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Occidental Petroleum Reaches a Deal to Sell its Onshore Assets in Colombia

By Matthew DiLallo – Updated Oct 1, 2020 at 2:43PM

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The oil giant continues to make progress on its debt reduction plan.

Occidental Petroleum (OXY -0.82%) announced today that it has agreed to sell its onshore assets in Colombia to private equity giant The Carlyle Group (CG). The oil company will receive up to $825 million for the assets, with $700 million coming at closing and the remainder subject to production and commodity price targets. The company expects to close this deal during the fourth quarter.  

Occidental Petroleum is including its operations and working interest in the Llanos Norte, Middle Magdalena, and Putumayo Basins, which are part of a partnership with the country's state oil company Ecopetrol (NYSE: EC). Occidental will retain a presence in the country by keeping its offshore exploration blocks. Those assets are also part of a strategic partnership with Ecopetrol, as is a joint venture in the Permian Basin. Occidental CEO Vicki Hollub noted that those offshore exploration blocks are "highly prospective" and "hold tremendous potential that could significantly bolster the country's energy resources." 

The silutet of two people shaking hands with oil pumps in the background.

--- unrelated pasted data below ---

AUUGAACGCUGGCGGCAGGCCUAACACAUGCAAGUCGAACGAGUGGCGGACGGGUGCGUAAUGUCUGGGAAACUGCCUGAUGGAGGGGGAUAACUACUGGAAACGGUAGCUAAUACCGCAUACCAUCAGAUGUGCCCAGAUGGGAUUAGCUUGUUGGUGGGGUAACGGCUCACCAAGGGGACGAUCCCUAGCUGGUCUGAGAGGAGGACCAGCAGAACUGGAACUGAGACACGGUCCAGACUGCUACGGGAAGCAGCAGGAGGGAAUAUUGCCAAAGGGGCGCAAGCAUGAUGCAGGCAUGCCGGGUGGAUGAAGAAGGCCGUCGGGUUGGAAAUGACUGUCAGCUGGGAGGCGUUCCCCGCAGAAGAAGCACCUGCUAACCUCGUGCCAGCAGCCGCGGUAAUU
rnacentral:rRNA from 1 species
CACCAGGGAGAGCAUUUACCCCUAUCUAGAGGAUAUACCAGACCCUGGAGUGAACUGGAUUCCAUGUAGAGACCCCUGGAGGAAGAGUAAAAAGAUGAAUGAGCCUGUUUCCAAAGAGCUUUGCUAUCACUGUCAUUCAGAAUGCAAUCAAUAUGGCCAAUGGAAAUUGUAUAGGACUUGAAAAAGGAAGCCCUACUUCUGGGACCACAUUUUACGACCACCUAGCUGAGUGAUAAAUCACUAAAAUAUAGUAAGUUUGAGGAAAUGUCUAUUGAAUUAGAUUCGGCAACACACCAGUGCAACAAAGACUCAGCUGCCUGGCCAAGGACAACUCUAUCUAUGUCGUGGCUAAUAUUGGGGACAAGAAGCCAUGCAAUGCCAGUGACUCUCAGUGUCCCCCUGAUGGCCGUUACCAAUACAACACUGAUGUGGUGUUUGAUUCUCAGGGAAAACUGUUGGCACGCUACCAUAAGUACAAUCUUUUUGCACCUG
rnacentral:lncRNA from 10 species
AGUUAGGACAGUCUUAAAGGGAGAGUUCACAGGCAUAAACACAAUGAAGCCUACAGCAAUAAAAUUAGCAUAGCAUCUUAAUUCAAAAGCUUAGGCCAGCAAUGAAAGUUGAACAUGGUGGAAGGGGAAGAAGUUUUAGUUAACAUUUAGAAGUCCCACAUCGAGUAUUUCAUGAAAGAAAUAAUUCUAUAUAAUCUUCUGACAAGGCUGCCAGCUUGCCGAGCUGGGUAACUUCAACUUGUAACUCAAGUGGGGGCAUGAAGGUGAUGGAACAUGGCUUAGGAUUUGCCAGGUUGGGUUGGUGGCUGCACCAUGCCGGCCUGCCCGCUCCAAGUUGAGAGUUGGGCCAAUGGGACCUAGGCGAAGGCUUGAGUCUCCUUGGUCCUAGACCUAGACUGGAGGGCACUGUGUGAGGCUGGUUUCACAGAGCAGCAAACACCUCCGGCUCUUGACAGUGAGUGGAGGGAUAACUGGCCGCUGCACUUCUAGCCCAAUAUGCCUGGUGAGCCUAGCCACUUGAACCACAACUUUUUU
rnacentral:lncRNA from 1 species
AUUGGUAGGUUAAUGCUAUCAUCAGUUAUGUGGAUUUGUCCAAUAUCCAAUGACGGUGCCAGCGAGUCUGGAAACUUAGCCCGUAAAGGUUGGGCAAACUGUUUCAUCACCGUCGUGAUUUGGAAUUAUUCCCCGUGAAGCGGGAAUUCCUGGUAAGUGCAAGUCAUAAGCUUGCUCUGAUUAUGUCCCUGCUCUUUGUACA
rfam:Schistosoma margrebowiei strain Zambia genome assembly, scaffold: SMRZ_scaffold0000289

Image source: Getty Images.

With the onshore asset sale to Carlyle, Occidental has announced more than $2 billion of asset sales that it expects to close this year. The other notable deal is the pending sale of its Wyoming, Colorado, and Utah Land Grant assets for $1.33 billion. 

Those cash proceeds will give Occidental Petroleum the funds to pay down additional debt, which it incurred to buy Anadarko Petroleum last year. At the end of the second quarter, Occidental had $$36 billion of long-term debt and nearly $2.5 billion of current maturities of long-term debt. It's those current maturities, which will grow in 2021 and 2022, that have proved problematic as the company hasn't been able to sell enough assets to pay them down, forcing it to focus on high-cost refinancing.

Matthew DiLallo has no position in any of the stocks mentioned. The Motley Fool has no position in any of the stocks mentioned. The Motley Fool has a disclosure policy.

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